The Golden Hour by Todd Moss is a thriller about a coup d'état in Mali. Protagonist Judd Ryker is an academic who has been appointed to a new, special unit in the Department of State, the Crisis Reaction Unit. The idea being to ensure that the United States Government responds quickly and effectively to crises beyond its borders. In Mali, the kidnapping of a Peace Corps volunteer adds to the drama. Can the coup in Mali be reversed? Does diplomacy stand a chance? This a classic suspense novel; it's not surprising that it became a national bestseller.
Moss, who spent a couple years working at the State Department's Bureau of African Affairs during George W. Bush's administration, does a nice job of describing the American foreign policy bureaucracy - and a lot of it is not pretty. Amidst terrorism, political volatility, drug trafficking and espionage, the reader is also treated to infighting, turf wars, deception and more. The only downside to the breakneck pace of the story is the fact that there's hardly any time to explain the psychological or emotional aspects of working under pressure in these types of environments. Nonetheless, the relentless drama and Moss's smooth writing more than make up for the book's lack of character development, which seems to be a common shortcoming in many thrillers.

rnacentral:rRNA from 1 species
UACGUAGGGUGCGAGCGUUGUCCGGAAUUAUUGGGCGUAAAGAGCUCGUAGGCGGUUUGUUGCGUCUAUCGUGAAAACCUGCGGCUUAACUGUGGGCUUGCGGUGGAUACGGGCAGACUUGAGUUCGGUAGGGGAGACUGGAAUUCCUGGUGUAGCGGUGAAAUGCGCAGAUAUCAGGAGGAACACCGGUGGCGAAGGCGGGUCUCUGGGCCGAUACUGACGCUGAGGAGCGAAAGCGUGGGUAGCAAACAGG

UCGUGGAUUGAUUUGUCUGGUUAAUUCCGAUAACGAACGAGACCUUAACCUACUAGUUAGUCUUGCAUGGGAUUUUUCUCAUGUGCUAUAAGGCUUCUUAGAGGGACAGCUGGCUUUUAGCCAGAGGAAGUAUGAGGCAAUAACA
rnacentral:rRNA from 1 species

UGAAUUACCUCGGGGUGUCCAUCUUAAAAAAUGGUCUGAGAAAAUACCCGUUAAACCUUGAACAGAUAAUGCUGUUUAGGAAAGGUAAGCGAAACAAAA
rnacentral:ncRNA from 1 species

In essence, this is a very impressive debut novel. Moss has written an exciting book - a true page-turner that also provides insights into the complexities of Washington's diplomatic efforts during moments of crisis. I'm already looking forward to the sequel, which is scheduled to be released in September.
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